This dissertation is a bio-bibliographical study of Twelver Shīʿism in southern Iraq in the sixth/twelfth and seventh/thirteenth centuries, a period that has been called the “school of Ḥillah.”
This was an extraordinary stage in the evolution of Twelver Shīʿism because it produced outstanding and seminal works in nearly every field of Islamic scholarship, and hosted several disparate intellectual trends in one city. I utilize state-of-the-art electronic databases to study the transmission of knowledge and networks of kinship, learning and patronage in Ḥillah. Based on an examination of nearly two hundred individuals affiliated with the city in this period and their writings, I establish correlations between these networks and particular modes of scholarship. This dissertation offers historical explanations for the popularity of certain intellectual trends in Ḥillah and the marginalization of others. My reading of this period also challenges a long-standing tendency on the part of historians to portray the Mongol invasion as an unmitigated calamity. My study of Ḥillah contributes to the ongoing reassessment of the impact of the Mongol invasion in Ilkhānid historiography by demonstrating that it was a boonto this community of scholars.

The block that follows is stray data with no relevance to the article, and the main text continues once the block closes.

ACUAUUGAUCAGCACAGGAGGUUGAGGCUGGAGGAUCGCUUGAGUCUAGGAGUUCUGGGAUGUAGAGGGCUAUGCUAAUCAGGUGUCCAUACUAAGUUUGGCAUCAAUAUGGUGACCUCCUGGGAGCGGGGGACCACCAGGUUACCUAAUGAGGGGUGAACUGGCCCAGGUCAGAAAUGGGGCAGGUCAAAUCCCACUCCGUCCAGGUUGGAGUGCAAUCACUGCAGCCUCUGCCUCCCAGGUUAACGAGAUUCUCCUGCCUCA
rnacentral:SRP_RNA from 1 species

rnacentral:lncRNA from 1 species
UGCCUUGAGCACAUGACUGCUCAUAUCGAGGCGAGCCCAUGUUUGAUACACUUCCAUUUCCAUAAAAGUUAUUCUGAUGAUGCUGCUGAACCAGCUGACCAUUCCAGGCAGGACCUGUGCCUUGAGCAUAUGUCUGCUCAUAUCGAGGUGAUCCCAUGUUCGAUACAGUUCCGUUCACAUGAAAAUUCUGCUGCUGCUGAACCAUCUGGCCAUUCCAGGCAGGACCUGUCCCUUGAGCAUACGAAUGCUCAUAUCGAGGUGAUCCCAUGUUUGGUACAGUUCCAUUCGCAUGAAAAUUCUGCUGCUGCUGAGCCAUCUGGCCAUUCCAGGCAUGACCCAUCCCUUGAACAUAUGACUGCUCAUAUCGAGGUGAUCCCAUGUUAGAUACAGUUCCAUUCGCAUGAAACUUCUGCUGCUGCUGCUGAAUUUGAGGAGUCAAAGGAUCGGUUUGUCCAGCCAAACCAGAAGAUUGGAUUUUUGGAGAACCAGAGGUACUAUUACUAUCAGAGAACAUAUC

Title: The Beginnings of the School of Ḥillah: A Bio-Bibliographical Study of Twelver Shīʿism in the Late ʿAbbāsid and Early Ilkhānid Periods
Author: Aun Hasan Ali
Length: 358 pages
Pub. Date: 2016